Here’s an excerpt from a story by Kate Hammer, reporting from Durham Ontario, for today’s Globe and Mail:
“Durham’s dairy desperado rode into town on horse back yesterday, a few paces behind the Olympic torch and its procession of security officials and sponsors.
Flanked by his son and an apprentice, Michael Schmidt trotted through the snow-covered community he has pulled into the eye of Canada’s raw milk debate.
It was just over three years ago that Mr. Schmidt’s farm was raided by inspectors from the Ministry of Natural Resources and he was charged with distributing and selling raw milk. A judge’s decision on those charges is due in just a few weeks.
Provincial laws in Ontario and other parts of the country prohibit the sale or distribution of milk or cream that has not been pasteurized or sterilized.
The process of heating a product to kill bacteria was developed by Louis Pasteur and has been mandatory for milk in Ontario since 1938. The heat kills dangerous bacteria including listeria, salmonella and E. coli.
Patrons of Mr. Schmidt’s Glencolton Farms and raw-milk advocates say that the pasteurization process destroys beneficial enzymes, antibodies and vitamins.
Several high-profile chefs have extolled raw milk’s wholesome flavours and some immigrant communities find the taste comforting and familiar. “It just tastes right. It reminds me of my childhood,” said Walés Alexis, a Glencolton apprentice born in Haiti.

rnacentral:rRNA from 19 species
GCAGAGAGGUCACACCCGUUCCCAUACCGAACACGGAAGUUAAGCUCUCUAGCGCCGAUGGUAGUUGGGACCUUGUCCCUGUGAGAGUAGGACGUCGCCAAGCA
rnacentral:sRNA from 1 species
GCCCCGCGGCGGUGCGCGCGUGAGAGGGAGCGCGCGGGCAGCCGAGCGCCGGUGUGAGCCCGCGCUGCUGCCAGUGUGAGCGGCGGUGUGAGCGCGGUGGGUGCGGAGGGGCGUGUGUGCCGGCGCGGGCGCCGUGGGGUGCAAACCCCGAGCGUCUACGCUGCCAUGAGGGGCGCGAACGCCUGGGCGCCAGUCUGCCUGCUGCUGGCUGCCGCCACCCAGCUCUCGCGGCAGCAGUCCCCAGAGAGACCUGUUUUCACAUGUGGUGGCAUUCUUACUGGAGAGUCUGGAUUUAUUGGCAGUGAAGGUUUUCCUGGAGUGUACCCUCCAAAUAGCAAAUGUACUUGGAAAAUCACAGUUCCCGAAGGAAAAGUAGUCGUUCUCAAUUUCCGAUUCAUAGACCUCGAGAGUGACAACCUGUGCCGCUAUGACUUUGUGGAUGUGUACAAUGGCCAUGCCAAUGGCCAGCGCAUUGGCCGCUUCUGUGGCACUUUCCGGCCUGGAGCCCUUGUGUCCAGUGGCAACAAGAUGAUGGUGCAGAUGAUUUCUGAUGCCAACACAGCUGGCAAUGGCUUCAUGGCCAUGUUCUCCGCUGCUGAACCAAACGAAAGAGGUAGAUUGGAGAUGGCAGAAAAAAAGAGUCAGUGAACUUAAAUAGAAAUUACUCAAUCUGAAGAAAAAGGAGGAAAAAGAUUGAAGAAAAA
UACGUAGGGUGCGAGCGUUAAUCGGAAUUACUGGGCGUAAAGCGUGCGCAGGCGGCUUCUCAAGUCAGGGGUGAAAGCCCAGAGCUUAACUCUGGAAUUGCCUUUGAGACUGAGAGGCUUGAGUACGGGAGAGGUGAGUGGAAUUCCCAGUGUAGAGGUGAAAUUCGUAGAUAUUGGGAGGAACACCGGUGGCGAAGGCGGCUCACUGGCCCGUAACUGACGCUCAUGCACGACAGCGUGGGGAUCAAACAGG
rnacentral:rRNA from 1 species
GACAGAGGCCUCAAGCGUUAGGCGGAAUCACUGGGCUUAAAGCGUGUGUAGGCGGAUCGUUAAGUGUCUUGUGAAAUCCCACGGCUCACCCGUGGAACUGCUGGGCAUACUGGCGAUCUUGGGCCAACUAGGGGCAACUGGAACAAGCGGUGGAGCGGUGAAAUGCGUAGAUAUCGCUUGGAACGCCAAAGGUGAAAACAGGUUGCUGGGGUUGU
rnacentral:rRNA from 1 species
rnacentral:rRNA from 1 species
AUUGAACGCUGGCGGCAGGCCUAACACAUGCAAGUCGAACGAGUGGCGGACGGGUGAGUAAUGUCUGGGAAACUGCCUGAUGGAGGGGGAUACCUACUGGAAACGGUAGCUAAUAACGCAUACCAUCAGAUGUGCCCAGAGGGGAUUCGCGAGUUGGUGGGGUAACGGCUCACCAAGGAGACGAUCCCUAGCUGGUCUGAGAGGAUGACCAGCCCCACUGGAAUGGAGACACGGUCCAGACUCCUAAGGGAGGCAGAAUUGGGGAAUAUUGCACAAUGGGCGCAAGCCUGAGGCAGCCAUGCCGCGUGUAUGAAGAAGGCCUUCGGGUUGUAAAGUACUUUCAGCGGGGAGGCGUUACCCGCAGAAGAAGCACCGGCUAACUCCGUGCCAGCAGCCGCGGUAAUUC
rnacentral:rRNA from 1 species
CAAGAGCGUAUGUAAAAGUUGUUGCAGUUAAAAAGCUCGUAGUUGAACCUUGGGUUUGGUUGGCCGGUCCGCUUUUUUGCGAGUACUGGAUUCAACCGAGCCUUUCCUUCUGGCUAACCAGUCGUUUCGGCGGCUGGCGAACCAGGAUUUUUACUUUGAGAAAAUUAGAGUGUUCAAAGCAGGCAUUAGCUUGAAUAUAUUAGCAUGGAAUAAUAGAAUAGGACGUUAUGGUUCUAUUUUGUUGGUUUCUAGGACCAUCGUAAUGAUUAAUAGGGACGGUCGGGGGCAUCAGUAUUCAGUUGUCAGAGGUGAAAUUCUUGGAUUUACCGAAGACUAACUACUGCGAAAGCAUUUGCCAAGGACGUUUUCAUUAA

This isn’t the first time that Mr. Schmidt has been in hot water over raw milk.
“The first milk war,” as he calls it, was waged in the mid 1990s when he was charged and fined for providing raw milk to the public.
By the time the dust had settled and the lawyers were paid, Mr. Schmidt had sold off 500 of his farm’s 600 acres and was left with only three cows. Growing up on a dairy farm at the foot of the Alps in southern Germany, he says he never could have imagined the ferocious opposition from Canadian lawmakers to what is generally accepted in other parts of the world.
No one in Durham saw the second milk war coming.
Undercover agents for the ministry infiltrated Mr. Schmidt’s cow-share program, a scheme in which clients paid $300 to own a piece of a cow that aimed to avoid breaking the law, and he now faces 20 charges related to the sale of raw milk.
Mr. Schmidt’s vow to fight the charges, again, ended his first marriage and he has since remarried. The court battles have also ended his hands-on role at the farm and for the past three years he has tended to lawyers and legal arguments rather than cattle.
Markus Schmidt, 23, a soft-spoken and sinewy reflection of his father, has been managing the dairy barn.
“There is such a beauty to being in the barn but, for me, it’s just not possible any longer,” the older Mr. Schmidt said.
The cow-share program has ended too, substituted instead for a farm-share program that requires that raw milk buyers invest $2,000 in the farm and pay labour costs when they collect their milk and cheeses.
A silver lining for the farm has been all the free publicity the trial has afforded. The farm has grown to include more than 80 cows and Mr. Schmidt said he gets about six requests a week for membership in his farm share program, most recently from a number of parents of children with autism.
“You have the health freaks who just want to jump on the bandwagon, but I try to identify people with a real need,” he said….”
Read Kate’s predictions for the future in the rest of this Globe story. The online edition of the Globe is taking comments on the story. Post yours!